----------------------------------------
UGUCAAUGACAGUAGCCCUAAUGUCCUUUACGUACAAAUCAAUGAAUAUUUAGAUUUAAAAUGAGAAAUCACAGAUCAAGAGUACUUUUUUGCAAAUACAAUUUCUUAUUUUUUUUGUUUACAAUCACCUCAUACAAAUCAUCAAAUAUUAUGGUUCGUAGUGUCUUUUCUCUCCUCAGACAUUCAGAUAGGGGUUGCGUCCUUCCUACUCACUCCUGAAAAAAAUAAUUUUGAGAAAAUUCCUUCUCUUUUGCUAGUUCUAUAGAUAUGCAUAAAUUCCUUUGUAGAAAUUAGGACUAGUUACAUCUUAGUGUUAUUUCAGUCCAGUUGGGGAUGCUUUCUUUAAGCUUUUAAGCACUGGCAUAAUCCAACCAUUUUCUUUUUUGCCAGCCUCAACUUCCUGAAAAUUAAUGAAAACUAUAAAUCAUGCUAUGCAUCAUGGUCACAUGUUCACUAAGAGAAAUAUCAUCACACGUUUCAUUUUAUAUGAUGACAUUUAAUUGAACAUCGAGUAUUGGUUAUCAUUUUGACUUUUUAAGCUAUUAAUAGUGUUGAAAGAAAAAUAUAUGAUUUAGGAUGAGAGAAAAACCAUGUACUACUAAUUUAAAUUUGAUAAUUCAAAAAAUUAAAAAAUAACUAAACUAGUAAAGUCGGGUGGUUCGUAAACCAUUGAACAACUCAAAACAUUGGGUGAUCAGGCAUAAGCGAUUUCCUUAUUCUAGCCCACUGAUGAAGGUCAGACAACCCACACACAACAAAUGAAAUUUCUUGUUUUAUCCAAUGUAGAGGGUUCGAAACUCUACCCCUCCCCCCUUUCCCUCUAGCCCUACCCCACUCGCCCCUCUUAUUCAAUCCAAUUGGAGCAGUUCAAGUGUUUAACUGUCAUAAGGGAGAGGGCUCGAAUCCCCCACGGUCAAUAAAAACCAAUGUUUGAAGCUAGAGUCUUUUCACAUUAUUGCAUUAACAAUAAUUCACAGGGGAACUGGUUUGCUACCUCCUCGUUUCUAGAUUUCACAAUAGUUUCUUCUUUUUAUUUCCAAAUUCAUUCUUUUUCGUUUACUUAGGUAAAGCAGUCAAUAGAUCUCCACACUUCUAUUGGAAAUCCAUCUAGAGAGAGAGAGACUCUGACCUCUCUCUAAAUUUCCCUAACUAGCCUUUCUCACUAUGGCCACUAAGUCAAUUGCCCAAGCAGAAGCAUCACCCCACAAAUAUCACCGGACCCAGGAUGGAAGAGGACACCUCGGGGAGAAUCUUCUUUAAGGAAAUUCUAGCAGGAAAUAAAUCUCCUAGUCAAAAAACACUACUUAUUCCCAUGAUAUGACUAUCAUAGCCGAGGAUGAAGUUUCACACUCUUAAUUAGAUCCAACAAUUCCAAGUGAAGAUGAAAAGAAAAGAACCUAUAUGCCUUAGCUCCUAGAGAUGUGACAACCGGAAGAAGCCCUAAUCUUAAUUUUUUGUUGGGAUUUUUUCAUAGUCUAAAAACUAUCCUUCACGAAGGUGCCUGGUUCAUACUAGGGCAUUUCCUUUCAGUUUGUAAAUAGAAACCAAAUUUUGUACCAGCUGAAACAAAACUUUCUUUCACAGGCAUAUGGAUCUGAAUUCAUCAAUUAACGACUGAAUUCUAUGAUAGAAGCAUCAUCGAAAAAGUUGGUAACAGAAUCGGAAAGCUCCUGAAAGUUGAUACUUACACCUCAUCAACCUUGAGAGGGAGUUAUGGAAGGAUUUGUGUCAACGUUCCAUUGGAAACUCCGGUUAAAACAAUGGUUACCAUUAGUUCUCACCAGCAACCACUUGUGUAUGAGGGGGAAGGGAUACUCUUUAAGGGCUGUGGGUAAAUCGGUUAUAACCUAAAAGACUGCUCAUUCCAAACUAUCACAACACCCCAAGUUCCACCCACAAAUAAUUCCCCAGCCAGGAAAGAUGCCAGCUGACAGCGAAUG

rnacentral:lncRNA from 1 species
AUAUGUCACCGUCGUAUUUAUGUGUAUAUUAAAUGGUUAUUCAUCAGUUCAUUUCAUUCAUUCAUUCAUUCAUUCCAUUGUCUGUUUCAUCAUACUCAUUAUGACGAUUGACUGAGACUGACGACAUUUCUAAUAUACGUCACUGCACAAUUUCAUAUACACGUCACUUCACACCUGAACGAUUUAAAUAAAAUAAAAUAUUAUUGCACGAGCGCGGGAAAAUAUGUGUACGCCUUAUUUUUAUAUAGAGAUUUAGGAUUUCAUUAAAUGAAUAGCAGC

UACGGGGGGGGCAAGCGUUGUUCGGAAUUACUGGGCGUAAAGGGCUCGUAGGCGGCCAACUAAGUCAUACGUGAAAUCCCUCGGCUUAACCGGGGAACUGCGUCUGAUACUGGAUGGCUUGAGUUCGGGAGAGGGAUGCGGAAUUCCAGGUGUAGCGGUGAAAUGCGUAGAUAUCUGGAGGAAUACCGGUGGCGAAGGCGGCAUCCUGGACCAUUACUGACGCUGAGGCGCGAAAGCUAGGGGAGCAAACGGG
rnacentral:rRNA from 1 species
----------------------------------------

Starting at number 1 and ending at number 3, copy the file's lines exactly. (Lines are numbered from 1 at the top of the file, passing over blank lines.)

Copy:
UGUCAAUGACAGUAGCCCUAAUGUCCUUUACGUACAAAUCAAUGAAUAUUUAGAUUUAAAAUGAGAAAUCACAGAUCAAGAGUACUUUUUUGCAAAUACAAUUUCUUAUUUUUUUUGUUUACAAUCACCUCAUACAAAUCAUCAAAUAUUAUGGUUCGUAGUGUCUUUUCUCUCCUCAGACAUUCAGAUAGGGGUUGCGUCCUUCCUACUCACUCCUGAAAAAAAUAAUUUUGAGAAAAUUCCUUCUCUUUUGCUAGUUCUAUAGAUAUGCAUAAAUUCCUUUGUAGAAAUUAGGACUAGUUACAUCUUAGUGUUAUUUCAGUCCAGUUGGGGAUGCUUUCUUUAAGCUUUUAAGCACUGGCAUAAUCCAACCAUUUUCUUUUUUGCCAGCCUCAACUUCCUGAAAAUUAAUGAAAACUAUAAAUCAUGCUAUGCAUCAUGGUCACAUGUUCACUAAGAGAAAUAUCAUCACACGUUUCAUUUUAUAUGAUGACAUUUAAUUGAACAUCGAGUAUUGGUUAUCAUUUUGACUUUUUAAGCUAUUAAUAGUGUUGAAAGAAAAAUAUAUGAUUUAGGAUGAGAGAAAAACCAUGUACUACUAAUUUAAAUUUGAUAAUUCAAAAAAUUAAAAAAUAACUAAACUAGUAAAGUCGGGUGGUUCGUAAACCAUUGAACAACUCAAAACAUUGGGUGAUCAGGCAUAAGCGAUUUCCUUAUUCUAGCCCACUGAUGAAGGUCAGACAACCCACACACAACAAAUGAAAUUUCUUGUUUUAUCCAAUGUAGAGGGUUCGAAACUCUACCCCUCCCCCCUUUCCCUCUAGCCCUACCCCACUCGCCCCUCUUAUUCAAUCCAAUUGGAGCAGUUCAAGUGUUUAACUGUCAUAAGGGAGAGGGCUCGAAUCCCCCACGGUCAAUAAAAACCAAUGUUUGAAGCUAGAGUCUUUUCACAUUAUUGCAUUAACAAUAAUUCACAGGGGAACUGGUUUGCUACCUCCUCGUUUCUAGAUUUCACAAUAGUUUCUUCUUUUUAUUUCCAAAUUCAUUCUUUUUCGUUUACUUAGGUAAAGCAGUCAAUAGAUCUCCACACUUCUAUUGGAAAUCCAUCUAGAGAGAGAGAGACUCUGACCUCUCUCUAAAUUUCCCUAACUAGCCUUUCUCACUAUGGCCACUAAGUCAAUUGCCCAAGCAGAAGCAUCACCCCACAAAUAUCACCGGACCCAGGAUGGAAGAGGACACCUCGGGGAGAAUCUUCUUUAAGGAAAUUCUAGCAGGAAAUAAAUCUCCUAGUCAAAAAACACUACUUAUUCCCAUGAUAUGACUAUCAUAGCCGAGGAUGAAGUUUCACACUCUUAAUUAGAUCCAACAAUUCCAAGUGAAGAUGAAAAGAAAAGAACCUAUAUGCCUUAGCUCCUAGAGAUGUGACAACCGGAAGAAGCCCUAAUCUUAAUUUUUUGUUGGGAUUUUUUCAUAGUCUAAAAACUAUCCUUCACGAAGGUGCCUGGUUCAUACUAGGGCAUUUCCUUUCAGUUUGUAAAUAGAAACCAAAUUUUGUACCAGCUGAAACAAAACUUUCUUUCACAGGCAUAUGGAUCUGAAUUCAUCAAUUAACGACUGAAUUCUAUGAUAGAAGCAUCAUCGAAAAAGUUGGUAACAGAAUCGGAAAGCUCCUGAAAGUUGAUACUUACACCUCAUCAACCUUGAGAGGGAGUUAUGGAAGGAUUUGUGUCAACGUUCCAUUGGAAACUCCGGUUAAAACAAUGGUUACCAUUAGUUCUCACCAGCAACCACUUGUGUAUGAGGGGGAAGGGAUACUCUUUAAGGGCUGUGGGUAAAUCGGUUAUAACCUAAAAGACUGCUCAUUCCAAACUAUCACAACACCCCAAGUUCCACCCACAAAUAAUUCCCCAGCCAGGAAAGAUGCCAGCUGACAGCGAAUG

rnacentral:lncRNA from 1 species
AUAUGUCACCGUCGUAUUUAUGUGUAUAUUAAAUGGUUAUUCAUCAGUUCAUUUCAUUCAUUCAUUCAUUCAUUCCAUUGUCUGUUUCAUCAUACUCAUUAUGACGAUUGACUGAGACUGACGACAUUUCUAAUAUACGUCACUGCACAAUUUCAUAUACACGUCACUUCACACCUGAACGAUUUAAAUAAAAUAAAAUAUUAUUGCACGAGCGCGGGAAAAUAUGUGUACGCCUUAUUUUUAUAUAGAGAUUUAGGAUUUCAUUAAAUGAAUAGCAGC